Apple’s iPhone 4S was launched in India on Friday by Aircel and Airtel. In a midnight ceremony in New Delhi, actor Nidhi Subbaiah handed out handsets to the very first customers.

Reaction, however, was mixed. At Rs 44,500 for the 16GB model, Rs 50,900 for 32GB and going up to Rs 57,500 for the top end 64GB model, it certainly isn’t cheap. Yet some people were happy to pay so much:

Stockbroker Punit Thakkar, 24, was one of the first people to book the new iPhone worth R 45,500 on the Apple site. “I’m a big fan and feel it’s worth the price,” he says, adding, “Nothing beats their features and apps. And now the iPhone 4S features iCloud, where you can save data and access it from anywhere, even if you lose the phone.”

Buying an iPhone 4S would mean sacrificing things, or is simply out of reach.Reuters

But for others, buying an iPhone 4S would mean sacrificing things, or is simply out of reach.

“Folks here are disappointed that the 4S is priced so high, but excited that the model is finally coming to India,” said IBNLive‘s Jaimon Joseph.

Although there was a crowd in New Delhi, with sales still being made at 1am, Firstpost staff in Mumbai checked out a couple of stores and found them to be free of queues. DigitalInspiration also saw no reports of queues. This is in contrast to the launches of the iPhone and iPad, which both saw huge excitement.

One of the most exciting aspects of the 4S is the introduction of Siri, the voice-activated personal assistant. The big question has been, ‘Can Siri understand Indian accents?’ The answer appears to be, ‘Mostly.’

For Indians fluent in English and with clear enunciation, Siri seems to cope just fine.

And commenters on DigitalInspiration’s critical post defended Siri, saying that it could understand even thick accents, although it stumbled on Indian names. In fairness, I’m sure there are some thick British and American accents that could confuse Siri, although I’ve yet to try it out!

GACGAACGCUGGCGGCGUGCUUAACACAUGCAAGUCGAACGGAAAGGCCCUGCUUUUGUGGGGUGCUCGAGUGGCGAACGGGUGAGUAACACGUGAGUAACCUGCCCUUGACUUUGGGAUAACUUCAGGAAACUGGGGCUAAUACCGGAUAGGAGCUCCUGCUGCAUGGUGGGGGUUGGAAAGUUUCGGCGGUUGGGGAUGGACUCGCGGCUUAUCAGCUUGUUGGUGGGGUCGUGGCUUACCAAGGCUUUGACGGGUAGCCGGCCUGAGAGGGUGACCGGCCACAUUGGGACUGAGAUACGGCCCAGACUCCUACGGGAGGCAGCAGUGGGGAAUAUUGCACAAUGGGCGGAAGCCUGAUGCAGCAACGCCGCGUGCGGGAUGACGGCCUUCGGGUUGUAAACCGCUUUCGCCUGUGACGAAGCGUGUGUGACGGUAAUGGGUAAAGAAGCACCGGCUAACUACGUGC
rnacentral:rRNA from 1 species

What might cause more of a problem is users who aren’t fluent English speakers, or who speak heavily localised versions of English that rely on loan words from other languages. If anyone has a 4S and wants to test that theory, do let us know how it goes in the comments.

Siri isn’t officially supported in India, so a much bigger problem is the simple lack of local data, such as business, restaurant and venue listings. Whether Apple eventually provides full support to India is unclear, but its local advertising doesn’t mention Siri, so we may have a long wait.

Indian iPhone 4S users are already experiencing their first Siri outage, as Apple servers fail to connect in India, Europe and South Korea, at least. Siri outages have happened before but, typically, Apple doesn’t say why or when service will be resumed.

Do you have an iPhone 4S? How well does Siri work for you? And do you think it’s good value for money?

Publish date: November 28, 2011 6:06 pm| Modified date: November 28, 2011 6:06 pm

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